New Malawi Project Helps Poorest Families

This week, CRS Malawi Country Representative Amy Rumano joined the U.S. Ambassador to Malawi Peter Bodde and Malawi’s Deputy Minister of Agriculture Margaret Roka Mauwa in launching the Wellness and Agriculture for Life Advancement (WALA) project. This $80-million project, funded by the U.S. government, aims to put more nutritious food on the tables of more than 200,000 families in southern Malawi over the next five years.

Many Malawians struggle to grow enough food to feed their families sufficiently and weather the ups and downs of recurring droughts and floods. CRS and our WALA partners will help change this situation by assisting poor households in reducing their dependence on rain-fed crops and improving overall health and nutrition.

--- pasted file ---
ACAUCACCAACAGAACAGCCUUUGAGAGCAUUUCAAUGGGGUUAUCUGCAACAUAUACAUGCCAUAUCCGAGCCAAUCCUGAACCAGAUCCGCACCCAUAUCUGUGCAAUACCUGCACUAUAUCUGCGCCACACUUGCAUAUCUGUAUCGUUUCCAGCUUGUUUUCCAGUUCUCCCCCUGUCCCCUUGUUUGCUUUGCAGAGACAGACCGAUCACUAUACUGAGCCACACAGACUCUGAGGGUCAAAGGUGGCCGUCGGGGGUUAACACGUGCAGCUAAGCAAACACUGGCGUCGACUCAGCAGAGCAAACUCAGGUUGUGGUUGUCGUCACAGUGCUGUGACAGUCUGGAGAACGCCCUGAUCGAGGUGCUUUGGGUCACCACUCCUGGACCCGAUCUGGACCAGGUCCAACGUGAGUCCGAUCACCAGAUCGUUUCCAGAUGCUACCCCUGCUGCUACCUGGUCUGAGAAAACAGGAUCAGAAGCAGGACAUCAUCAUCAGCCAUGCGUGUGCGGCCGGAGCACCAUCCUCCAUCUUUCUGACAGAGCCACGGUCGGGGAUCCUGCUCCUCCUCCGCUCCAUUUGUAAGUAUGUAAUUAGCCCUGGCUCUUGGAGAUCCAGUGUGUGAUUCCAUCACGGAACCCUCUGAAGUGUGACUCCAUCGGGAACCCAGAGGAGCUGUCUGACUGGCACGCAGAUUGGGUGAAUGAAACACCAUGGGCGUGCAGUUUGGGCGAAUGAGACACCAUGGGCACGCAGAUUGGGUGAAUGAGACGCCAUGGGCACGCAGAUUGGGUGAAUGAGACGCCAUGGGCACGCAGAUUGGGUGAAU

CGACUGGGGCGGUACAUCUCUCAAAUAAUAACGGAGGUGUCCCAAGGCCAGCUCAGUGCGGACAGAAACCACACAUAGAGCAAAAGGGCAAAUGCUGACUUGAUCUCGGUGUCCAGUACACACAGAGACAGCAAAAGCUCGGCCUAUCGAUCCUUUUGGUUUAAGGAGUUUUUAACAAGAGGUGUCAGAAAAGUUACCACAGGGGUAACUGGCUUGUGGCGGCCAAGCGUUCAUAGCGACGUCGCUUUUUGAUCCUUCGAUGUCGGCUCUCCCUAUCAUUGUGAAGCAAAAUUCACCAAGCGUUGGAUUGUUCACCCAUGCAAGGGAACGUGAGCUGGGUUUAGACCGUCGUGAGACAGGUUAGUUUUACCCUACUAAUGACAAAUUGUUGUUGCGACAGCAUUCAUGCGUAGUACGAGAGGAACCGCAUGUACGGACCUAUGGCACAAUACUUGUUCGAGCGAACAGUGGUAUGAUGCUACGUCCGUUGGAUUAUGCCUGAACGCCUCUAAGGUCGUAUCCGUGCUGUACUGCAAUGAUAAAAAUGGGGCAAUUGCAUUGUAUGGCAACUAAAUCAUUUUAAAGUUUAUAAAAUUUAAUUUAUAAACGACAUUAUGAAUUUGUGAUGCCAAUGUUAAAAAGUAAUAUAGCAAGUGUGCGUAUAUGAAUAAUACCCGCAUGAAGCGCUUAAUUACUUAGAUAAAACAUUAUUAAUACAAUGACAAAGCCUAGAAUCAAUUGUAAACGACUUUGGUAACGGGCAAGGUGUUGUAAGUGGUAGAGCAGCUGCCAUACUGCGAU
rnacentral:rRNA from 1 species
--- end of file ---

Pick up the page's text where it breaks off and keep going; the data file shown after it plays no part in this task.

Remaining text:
Malawi food

Malawi’s Deputy Minister of Agriculture welcomes the traditional chiefs of communities being served by the WALA program. Photo by Mphatso Sambo/CRS

Program activities include small-scale irrigation, diversification of nutritious crops, savings programs, market linkages and conservation agriculture techniques that are more environmentally sustainable.

Rumano noted in her welcome remarks that the official launch of WALA marks the full-fledged beginning of program activities following several months of preparation. Consultations have already taken place with district authorities, traditional leaders, and village development committees to identify communities most in need of WALA services.

“It is my privilege to welcome you to the WALA inauguration today because you have welcomed WALA into your communities,” Rumano said, acknowledging the enthusiastic reception of the program by communities being served.

– Reported by Debbie DeVoe, CRS’ regional information officer for eastern and southern Africa

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